I also thought about leasing, and if the machine doesn't meet my needs ask the leasing company to terminate the lease and take the unit back(I would still be out a few thousand assuming I can't sell it).

    The dealer is trying to get me to trade it in every year or every other year but taking a 4,000-6,000 hit every year just doesn't make sense to me. Keeping it in warranty sounds good though.

  9. #9
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    Default Re: Buying a toolcat am I making a 100k mistake ? Golf course use, rental properties

    I guess another HUGE question is, who is going to operate the machine? You, the guy who has to pay for repairs, or someone else. An old friend and neighbour that built and ran a golf course used to tell me horror stories of how his employees destroyed his equipment.

    What I do notice while I drive by the course, is the ever increasingly large amount of purpose built equipment that he seems to buy, and I rarely see the jack-of-all-trades type of equipment.

  10. #10
    Veteran Member Piston's Avatar
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    Since I have no experience with either toolcat's or golf course management, I can't offer too much advice. However, from a logistical standpoint, I think you would be more efficient to have two machines vs one do-it-all machine (for possibly cheaper money!)

    Do you have numerous employees? If there is more than just you, and you have a toolcat, you can only do one job at a time, regardless of how many people you have working for you.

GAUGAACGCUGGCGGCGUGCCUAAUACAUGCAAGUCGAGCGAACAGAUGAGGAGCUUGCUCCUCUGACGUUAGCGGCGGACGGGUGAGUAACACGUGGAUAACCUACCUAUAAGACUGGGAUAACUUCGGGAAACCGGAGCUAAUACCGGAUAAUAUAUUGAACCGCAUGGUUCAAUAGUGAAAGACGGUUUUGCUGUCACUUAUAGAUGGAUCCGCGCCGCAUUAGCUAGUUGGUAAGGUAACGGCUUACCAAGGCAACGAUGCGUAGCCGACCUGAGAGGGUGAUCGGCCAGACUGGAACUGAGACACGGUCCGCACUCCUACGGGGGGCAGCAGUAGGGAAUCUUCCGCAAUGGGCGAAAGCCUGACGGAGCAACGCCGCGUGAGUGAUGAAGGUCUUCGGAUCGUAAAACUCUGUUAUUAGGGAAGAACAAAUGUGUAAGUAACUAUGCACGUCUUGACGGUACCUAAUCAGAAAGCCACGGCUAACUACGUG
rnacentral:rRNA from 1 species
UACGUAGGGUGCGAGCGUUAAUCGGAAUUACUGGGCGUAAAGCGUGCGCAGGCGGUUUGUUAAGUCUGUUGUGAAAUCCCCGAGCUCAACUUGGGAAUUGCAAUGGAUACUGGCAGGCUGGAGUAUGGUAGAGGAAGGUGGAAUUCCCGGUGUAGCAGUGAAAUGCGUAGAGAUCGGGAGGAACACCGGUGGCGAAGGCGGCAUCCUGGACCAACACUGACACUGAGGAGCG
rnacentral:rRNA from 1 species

If you had multiple machines, you could have numerous people doing numerous jobs at once, with more specialized equipment that will do a better job.

    I think it would be a better choice logistically, to have 2 people operating 2 machines doing 2 different jobs at the same time, than only having one machine.



    However, if it's only you, and you have the money to spend, then it may be a good idea. Just think long and hard about it, and be certain of your decision, because once you spend all that money on new equipment, you can't change your mind later. (Well, if you did, you'd lose a LOT of money)

    Xfaxman can probably give you better advice than any of us. He has all the toys when it comes to Bobcat, and has had tractors as well. He does a lot of impressive work with his equipment and post lots of good pictures of what the equipment is capable of. However, nothing he has ever posted (at least that I saw) even comes close to resembling a golf course.

    I will be interested to see what you decide.